Kumar Naidu
Ben
Regular

2016-11-08 21:20

@ Helmut
Posting: # 16789
Views: 2,970
 

 Geometric means ± SD

Dear Helmut,

» I suggest to plot geometric means* ± backtransformed standard deviations. Concentrations likely follow a log-normal distribution.

We should bear in mind that when we back transform to the original scale we end up with asymmetry with respect to +/-. Therefore, it is IMHO not appropriate to do +/- back transformed standard deviation. Symmetry is however obtained with respect to * and /. So the error bars should be such that lower end = gMean / gSD and upper end = gMean * gSD, where gSD = exp(standard deviation from log-transformed values).
[Mathematical rationale: exp(m - s) = exp(m)/exp(s) = gMean / gSD and exp(m + s) = exp(m) * exp(s) = gMean * gSD), where m and s are mean and sd on log scale, respectively]

Best regards,
Ben.
Helmut
Hero
Homepage
Vienna, Austria,
2016-11-09 15:29

@ Ben
Posting: # 16793
Views: 2,901
 

 Misunderstanding

Dear Ben,

» We should bear in mind that when we back transform to the original scale we end up with asymmetry with respect to +/-.

This is exactly the idea – reflecting the distributional properties of the data:

[image]



length of upper / lower whiskers:
0.826 0.950 0.859 0.730 0.528 0.411 0.329 0.273 0.228 0.179 0.111  0.0566
0.607 0.735 0.693 0.607 0.454 0.358 0.286 0.232 0.185 0.137 0.0758 0.0337


» Therefore, it is IMHO not appropriate to do +/- back transformed standard deviation. Symmetry is however obtained with respect to * and /. So the error bars should be such that lower end = gMean / gSD and upper end = gMean * gSD, where gSD = exp(standard deviation from log-transformed values).
» [Mathematical rationale: exp(m - s) = exp(m)/exp(s) = gMean / gSD and exp(m + s) = exp(m) * exp(s) = gMean * gSD), where m and s are mean and sd on log scale, respectively]

Can’t agree more. I did not express myself clearly. Blue your method and red the one* I meant. Of course they are equivalent.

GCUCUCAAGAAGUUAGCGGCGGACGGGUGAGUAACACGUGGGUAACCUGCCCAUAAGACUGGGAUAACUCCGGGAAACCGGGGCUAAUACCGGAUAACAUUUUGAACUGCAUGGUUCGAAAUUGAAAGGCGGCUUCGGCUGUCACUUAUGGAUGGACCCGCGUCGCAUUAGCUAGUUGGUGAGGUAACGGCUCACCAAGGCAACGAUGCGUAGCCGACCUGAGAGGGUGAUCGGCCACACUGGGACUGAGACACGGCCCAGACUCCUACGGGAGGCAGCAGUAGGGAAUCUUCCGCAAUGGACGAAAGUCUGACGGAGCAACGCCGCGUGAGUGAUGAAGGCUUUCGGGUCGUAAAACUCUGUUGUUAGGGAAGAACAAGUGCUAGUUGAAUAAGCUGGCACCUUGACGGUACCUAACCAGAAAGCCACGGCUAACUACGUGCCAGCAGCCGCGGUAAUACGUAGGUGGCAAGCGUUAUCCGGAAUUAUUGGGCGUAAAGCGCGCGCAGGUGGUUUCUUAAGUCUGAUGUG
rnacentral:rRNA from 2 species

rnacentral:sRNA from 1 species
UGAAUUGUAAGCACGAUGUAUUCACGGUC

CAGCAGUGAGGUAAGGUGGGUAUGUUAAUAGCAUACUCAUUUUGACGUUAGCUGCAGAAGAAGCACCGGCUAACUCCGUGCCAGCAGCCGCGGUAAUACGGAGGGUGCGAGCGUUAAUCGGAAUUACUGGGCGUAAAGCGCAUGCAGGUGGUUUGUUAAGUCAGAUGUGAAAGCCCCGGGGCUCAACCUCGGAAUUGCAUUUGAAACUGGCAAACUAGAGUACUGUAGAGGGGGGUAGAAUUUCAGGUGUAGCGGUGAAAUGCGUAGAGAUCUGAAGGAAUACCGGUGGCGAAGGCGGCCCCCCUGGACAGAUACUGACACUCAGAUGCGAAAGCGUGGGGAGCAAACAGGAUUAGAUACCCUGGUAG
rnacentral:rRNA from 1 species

x        <- c(1, 2, 4)
log.x    <- log(x)
mean.log <- mean(log.x)
SD.log   <- sd(log.x)
gMean    <- exp(mean.log)
gSD      <- exp(SD.log)
BL.lohi  <- c(gMean / gSD, gMean * gSD)
HS.lohi  <- exp(mean.log + c(-1, +1) * SD.log)
unique(BL.lohi == HS.lohi)
# [1] TRUE



  • Also used in Phoenix/WinNonlin.
    ──────────────
    Recipe for novices setting up the plot. I assume a table with at least the following columns: subject, scheduled, time, concentration. It is important to have a column with scheduled times. You must not use the actual times.
    Descriptive Stats:
      Mappings
        concentration ⦿ Summary
        scheduled ⦿ Sort
      Options
         Number of SD     1
    Execute. Results > Output Data > Results [right click] Send To > Plotting > XY Plot
    XY Plot:
    Mappings
        scheduled ⦿ X
        GeometricMean ⦿ Y
        GEOLowerSD Error Bars ⦿ Lower
        GEOUpperSD Error Bars ⦿ Upper
    Options
        Graphs > GeometricMean vs scheduled > Error Bars > Content
        Change the User Calculation Type Relative to Absolute

[image]All the best,
Helmut Schütz 
[image]

The quality of responses received is directly proportional to the quality of the question asked. ☼
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Ben
Regular

2016-11-14 19:40

@ Helmut
Posting: # 16802
Views: 2,705
 

 Misunderstanding

I see, then everything is fine :cool: Thanks for the clarification!

» Also used in Phoenix/WinNonlin.
» ──────────────
» Recipe ...

Ha! Great, thanks. The PK guys always told me that it is not possible to create such error bars in WinNonlin. From now on I can refer to this recipe :-D

Best regards,
Ben.
Helmut
Hero
Homepage
Vienna, Austria,
2016-11-14 21:50

@ Ben
Posting: # 16803
Views: 2,708
 

 RTFM

Hi Ben,

» The PK guys always told me that it is not possible to create such error bars in WinNonlin.

Possible for years! These guys should either RTFM or consult Certara/Pharsight’s forum. Last time I posted the recipe was two years ago.

[image]All the best,
Helmut Schütz 
[image]

The quality of responses received is directly proportional to the quality of the question asked. ☼
Science Quotes